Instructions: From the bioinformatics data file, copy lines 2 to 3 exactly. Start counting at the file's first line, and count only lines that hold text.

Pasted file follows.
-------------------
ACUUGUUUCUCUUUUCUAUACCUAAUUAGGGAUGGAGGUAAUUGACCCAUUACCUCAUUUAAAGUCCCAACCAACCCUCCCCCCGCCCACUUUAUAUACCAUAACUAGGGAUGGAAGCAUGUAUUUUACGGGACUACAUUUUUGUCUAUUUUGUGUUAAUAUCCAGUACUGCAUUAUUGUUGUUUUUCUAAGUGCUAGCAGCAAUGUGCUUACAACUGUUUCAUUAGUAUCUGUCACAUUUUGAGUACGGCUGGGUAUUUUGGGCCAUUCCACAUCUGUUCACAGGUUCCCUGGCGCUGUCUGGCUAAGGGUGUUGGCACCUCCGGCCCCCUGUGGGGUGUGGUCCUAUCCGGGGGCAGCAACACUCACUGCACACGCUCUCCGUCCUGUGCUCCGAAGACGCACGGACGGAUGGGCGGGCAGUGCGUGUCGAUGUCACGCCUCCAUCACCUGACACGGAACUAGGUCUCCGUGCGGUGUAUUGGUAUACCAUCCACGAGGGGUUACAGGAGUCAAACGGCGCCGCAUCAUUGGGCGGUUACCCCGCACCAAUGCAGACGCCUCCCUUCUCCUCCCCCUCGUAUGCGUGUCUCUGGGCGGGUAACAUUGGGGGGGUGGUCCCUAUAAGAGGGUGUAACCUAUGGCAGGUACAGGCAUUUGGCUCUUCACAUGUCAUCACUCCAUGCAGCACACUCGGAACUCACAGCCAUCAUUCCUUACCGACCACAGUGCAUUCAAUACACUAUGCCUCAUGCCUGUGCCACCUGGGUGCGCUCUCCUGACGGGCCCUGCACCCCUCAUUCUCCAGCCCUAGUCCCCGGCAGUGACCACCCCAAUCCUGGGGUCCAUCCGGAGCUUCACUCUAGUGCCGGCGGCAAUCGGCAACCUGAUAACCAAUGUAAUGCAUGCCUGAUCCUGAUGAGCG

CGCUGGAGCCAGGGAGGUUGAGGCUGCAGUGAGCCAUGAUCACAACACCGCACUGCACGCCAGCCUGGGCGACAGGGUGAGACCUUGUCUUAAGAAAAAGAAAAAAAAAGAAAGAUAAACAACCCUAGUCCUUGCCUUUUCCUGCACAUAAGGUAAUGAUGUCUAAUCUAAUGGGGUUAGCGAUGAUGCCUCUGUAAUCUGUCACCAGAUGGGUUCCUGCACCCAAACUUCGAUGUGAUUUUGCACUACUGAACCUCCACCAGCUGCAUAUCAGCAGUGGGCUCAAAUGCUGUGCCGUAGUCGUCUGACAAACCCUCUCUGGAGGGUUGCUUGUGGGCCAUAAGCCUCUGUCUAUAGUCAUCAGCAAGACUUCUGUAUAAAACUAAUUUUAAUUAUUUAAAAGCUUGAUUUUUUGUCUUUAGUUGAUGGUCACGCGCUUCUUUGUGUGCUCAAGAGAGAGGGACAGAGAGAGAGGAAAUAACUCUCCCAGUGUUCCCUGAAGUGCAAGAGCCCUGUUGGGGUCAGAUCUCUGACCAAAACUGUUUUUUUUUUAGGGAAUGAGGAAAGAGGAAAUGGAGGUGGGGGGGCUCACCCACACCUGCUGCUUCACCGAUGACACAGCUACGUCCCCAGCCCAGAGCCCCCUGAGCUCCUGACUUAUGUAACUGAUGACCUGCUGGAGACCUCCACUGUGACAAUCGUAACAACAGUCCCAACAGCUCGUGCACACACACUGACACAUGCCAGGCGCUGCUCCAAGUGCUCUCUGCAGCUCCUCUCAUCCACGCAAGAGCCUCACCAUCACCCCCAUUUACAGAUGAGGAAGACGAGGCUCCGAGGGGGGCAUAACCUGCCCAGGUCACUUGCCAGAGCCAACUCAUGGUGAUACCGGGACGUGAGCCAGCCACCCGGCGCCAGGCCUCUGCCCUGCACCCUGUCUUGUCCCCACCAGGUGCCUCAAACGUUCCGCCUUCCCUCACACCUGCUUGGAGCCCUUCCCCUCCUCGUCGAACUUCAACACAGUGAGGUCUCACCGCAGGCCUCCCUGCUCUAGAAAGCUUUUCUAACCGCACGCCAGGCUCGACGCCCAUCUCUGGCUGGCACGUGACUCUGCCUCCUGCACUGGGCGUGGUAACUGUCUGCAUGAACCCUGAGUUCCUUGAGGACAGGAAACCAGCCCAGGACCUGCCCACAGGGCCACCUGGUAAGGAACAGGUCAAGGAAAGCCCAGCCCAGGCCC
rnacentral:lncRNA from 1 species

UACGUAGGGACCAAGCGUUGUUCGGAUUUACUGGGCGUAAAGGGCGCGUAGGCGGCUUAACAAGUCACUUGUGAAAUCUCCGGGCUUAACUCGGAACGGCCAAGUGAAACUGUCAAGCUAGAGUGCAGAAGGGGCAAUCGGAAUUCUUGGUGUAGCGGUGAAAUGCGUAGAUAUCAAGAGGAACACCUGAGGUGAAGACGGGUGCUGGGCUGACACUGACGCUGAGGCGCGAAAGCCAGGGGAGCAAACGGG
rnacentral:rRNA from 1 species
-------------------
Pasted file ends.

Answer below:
CGCUGGAGCCAGGGAGGUUGAGGCUGCAGUGAGCCAUGAUCACAACACCGCACUGCACGCCAGCCUGGGCGACAGGGUGAGACCUUGUCUUAAGAAAAAGAAAAAAAAAGAAAGAUAAACAACCCUAGUCCUUGCCUUUUCCUGCACAUAAGGUAAUGAUGUCUAAUCUAAUGGGGUUAGCGAUGAUGCCUCUGUAAUCUGUCACCAGAUGGGUUCCUGCACCCAAACUUCGAUGUGAUUUUGCACUACUGAACCUCCACCAGCUGCAUAUCAGCAGUGGGCUCAAAUGCUGUGCCGUAGUCGUCUGACAAACCCUCUCUGGAGGGUUGCUUGUGGGCCAUAAGCCUCUGUCUAUAGUCAUCAGCAAGACUUCUGUAUAAAACUAAUUUUAAUUAUUUAAAAGCUUGAUUUUUUGUCUUUAGUUGAUGGUCACGCGCUUCUUUGUGUGCUCAAGAGAGAGGGACAGAGAGAGAGGAAAUAACUCUCCCAGUGUUCCCUGAAGUGCAAGAGCCCUGUUGGGGUCAGAUCUCUGACCAAAACUGUUUUUUUUUUAGGGAAUGAGGAAAGAGGAAAUGGAGGUGGGGGGGCUCACCCACACCUGCUGCUUCACCGAUGACACAGCUACGUCCCCAGCCCAGAGCCCCCUGAGCUCCUGACUUAUGUAACUGAUGACCUGCUGGAGACCUCCACUGUGACAAUCGUAACAACAGUCCCAACAGCUCGUGCACACACACUGACACAUGCCAGGCGCUGCUCCAAGUGCUCUCUGCAGCUCCUCUCAUCCACGCAAGAGCCUCACCAUCACCCCCAUUUACAGAUGAGGAAGACGAGGCUCCGAGGGGGGCAUAACCUGCCCAGGUCACUUGCCAGAGCCAACUCAUGGUGAUACCGGGACGUGAGCCAGCCACCCGGCGCCAGGCCUCUGCCCUGCACCCUGUCUUGUCCCCACCAGGUGCCUCAAACGUUCCGCCUUCCCUCACACCUGCUUGGAGCCCUUCCCCUCCUCGUCGAACUUCAACACAGUGAGGUCUCACCGCAGGCCUCCCUGCUCUAGAAAGCUUUUCUAACCGCACGCCAGGCUCGACGCCCAUCUCUGGCUGGCACGUGACUCUGCCUCCUGCACUGGGCGUGGUAACUGUCUGCAUGAACCCUGAGUUCCUUGAGGACAGGAAACCAGCCCAGGACCUGCCCACAGGGCCACCUGGUAAGGAACAGGUCAAGGAAAGCCCAGCCCAGGCCC
rnacentral:lncRNA from 1 species